From the menu to the décor to the weekly roster of entertainment, everything at Easy Dogs is a bit over the top, but in a way that comes off as fun and endearing. The hot dogs themselves are cooked in crab boil. The basic topping isn't ketchup or mustard but a tart, creamy remouladelike slather called 'easy sauce." You can order a Hubig's Pie a la mode here " a packaged, palm-sized, fried pie served warm and topped with vanilla ice cream and pompoms of whipped cream. The dining room is decorated about as subtly as a Mardi Gras float, with bright colors, a scattering of kitschy props and walls covered with regional folk art, much of it collected from annual convict art sales at the notorious Angola Prison Rodeo.
Easy Dogs opened last year around this time as the post-Katrina business plan of Alice Schaffer, her son Todd and their business partner Judy Reagan. They started with beef franks from Nathan's Famous, the popular Coney Island hot-dog brand, and devised a menu of topping options with equal parts simplicity and whimsy. The Jazz Dog, for instance, has shredded cheese and chunky, oily olive salad. While that hardly makes this a muffuletta substitute, the salty, ripe flavor of the olive salad is a terrific enhancement and beats familiar pickle relish hands down.
A straight-up chilidog comes with a smooth, greasy chili topping, but it pales in comparison (for both flavor and sloppiness) to the Lundi Dog, sluiced with red beans and rice. This is just what it sounds like " a hot dog sprinkled with white rice and covered with a ladle of creamy red beans with bits of sausage " and it is a grand mess to eat once the bean gravy gets to work on the bun. A fork is necessary to properly tackle the ultimate Easy Dogs offering: the Katrina dog, topped with chili, a fresh-tasting coleslaw, chopped raw onion, shredded cheese and a load of cheddar fish crackers, better known by their Goldfish brand name. This fills the entire plastic basket in which it arrives and the Katrina is so topping heavy that no part of the hot dog or even the bun is visible at first. Eventually, eating it means scooping up a mixture of crackers and stray chili and coleslaw like some strange, aquatic-themed version of nachos.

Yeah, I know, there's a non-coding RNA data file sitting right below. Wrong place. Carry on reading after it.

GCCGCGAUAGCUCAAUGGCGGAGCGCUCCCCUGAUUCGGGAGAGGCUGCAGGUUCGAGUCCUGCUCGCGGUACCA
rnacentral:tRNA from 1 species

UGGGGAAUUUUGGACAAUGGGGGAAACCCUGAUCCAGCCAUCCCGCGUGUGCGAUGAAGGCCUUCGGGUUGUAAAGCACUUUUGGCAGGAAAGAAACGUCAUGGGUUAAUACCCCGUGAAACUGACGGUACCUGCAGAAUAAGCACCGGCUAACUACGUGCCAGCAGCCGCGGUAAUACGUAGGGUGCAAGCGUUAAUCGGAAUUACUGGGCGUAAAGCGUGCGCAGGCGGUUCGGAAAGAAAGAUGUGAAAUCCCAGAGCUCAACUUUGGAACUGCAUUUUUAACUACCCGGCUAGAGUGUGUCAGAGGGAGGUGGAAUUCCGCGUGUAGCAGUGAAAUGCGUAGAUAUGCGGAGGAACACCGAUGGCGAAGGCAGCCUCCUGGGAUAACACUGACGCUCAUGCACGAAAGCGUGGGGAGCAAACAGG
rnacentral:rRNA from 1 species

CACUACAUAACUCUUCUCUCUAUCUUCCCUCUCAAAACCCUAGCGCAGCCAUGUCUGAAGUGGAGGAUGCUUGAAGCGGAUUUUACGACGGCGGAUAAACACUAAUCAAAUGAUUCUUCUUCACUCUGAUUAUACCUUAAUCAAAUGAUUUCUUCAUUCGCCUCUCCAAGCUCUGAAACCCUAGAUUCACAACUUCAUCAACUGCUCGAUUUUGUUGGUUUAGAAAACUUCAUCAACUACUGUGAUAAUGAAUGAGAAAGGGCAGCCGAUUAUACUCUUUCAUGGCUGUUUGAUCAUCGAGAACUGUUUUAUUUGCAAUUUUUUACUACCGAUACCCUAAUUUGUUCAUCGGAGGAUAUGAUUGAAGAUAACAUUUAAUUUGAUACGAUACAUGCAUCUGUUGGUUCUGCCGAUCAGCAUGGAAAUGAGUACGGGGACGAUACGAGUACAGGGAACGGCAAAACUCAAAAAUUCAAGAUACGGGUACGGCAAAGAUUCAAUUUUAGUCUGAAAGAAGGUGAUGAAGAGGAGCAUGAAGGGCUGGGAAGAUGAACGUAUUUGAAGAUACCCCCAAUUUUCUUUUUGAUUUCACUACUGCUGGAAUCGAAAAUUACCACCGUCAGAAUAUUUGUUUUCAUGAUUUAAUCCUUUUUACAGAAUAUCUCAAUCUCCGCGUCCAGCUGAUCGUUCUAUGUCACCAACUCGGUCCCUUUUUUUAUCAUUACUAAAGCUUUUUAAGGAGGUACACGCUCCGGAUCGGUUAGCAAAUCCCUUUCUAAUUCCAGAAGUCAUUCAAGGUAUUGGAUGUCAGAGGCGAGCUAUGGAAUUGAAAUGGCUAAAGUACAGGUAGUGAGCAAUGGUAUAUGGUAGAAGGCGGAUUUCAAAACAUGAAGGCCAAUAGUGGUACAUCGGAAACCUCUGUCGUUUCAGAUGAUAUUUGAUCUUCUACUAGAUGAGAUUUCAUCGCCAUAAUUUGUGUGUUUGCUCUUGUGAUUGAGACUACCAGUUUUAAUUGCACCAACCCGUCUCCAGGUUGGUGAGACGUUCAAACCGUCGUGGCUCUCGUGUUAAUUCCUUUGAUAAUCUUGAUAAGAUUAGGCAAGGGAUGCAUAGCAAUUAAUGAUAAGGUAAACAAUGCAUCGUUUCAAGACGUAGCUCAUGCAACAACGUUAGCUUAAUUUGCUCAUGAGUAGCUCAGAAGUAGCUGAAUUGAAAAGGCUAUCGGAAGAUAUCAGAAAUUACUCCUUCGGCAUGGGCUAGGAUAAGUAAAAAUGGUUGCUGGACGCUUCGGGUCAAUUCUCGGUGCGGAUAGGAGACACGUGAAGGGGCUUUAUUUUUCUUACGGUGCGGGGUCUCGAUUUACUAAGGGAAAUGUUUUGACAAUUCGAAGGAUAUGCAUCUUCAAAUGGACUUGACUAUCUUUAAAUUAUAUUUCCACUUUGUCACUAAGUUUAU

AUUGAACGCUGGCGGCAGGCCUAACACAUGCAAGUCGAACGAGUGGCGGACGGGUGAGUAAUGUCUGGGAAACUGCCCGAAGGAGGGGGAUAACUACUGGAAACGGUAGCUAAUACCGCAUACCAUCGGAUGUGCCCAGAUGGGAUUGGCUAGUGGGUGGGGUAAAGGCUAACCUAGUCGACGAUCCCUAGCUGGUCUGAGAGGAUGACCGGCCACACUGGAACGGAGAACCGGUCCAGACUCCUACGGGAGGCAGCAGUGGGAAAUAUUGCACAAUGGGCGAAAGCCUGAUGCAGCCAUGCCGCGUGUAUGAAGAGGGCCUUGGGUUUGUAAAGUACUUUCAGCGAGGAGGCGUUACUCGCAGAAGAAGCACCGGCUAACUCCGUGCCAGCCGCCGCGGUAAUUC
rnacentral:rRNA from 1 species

The basic $2.50 Easy Dog is very good all on its own, thanks to the dunk in crab boil. I've seen this technique at backyard crawfish boils as a way to wean children toward the highly-seasoned delights of local seafood, and it proves a commercially viable idea here. The large Nathan's Famous franks come out brick red and dripping with flavor, though they are not spicy hot. The bun is ordinary but it is toasted, a simple step that elevates it exponentially. Any of Easy Dog's offerings can be made with a vegetarian frank.
If the red beans, olive salad, Hubig's Pies and crab boil leave any room for doubt that Easy Dogs is a slice apart from the average hot dog stand, look to the antics of co-proprietor Todd Schaffer as the final argument. Schaffer used to exercise his theatric impulses as the master of ceremonies for a succession of retro-revival burlesque dance troupes. These days he's busy turning Easy Dogs into something akin to hot-dog dinner theater. On most Thursday and Saturday evenings, he hosts a free production he calls 'Let's Make a Wheel of Bingo," a homemade hybrid of bingo and the television game shows Wheel of Fortune, Let's Make a Deal, and Deal or No Deal. It's a family-oriented event with a spinning wheel, bingo cards, goofy prizes and a lot of laughter as the hot dogs, Zapp's chips and drinks from the restaurant's full bar go around the room. A few Fridays a month he also spices it up for a risqué adult version of the show a little later in the evening. Schaffer claims this is the 'sexiest show in Gretna," a title for which there is very slim competition. When it comes to distinctive dogs, at least, Easy Dogs is a leader of the pack.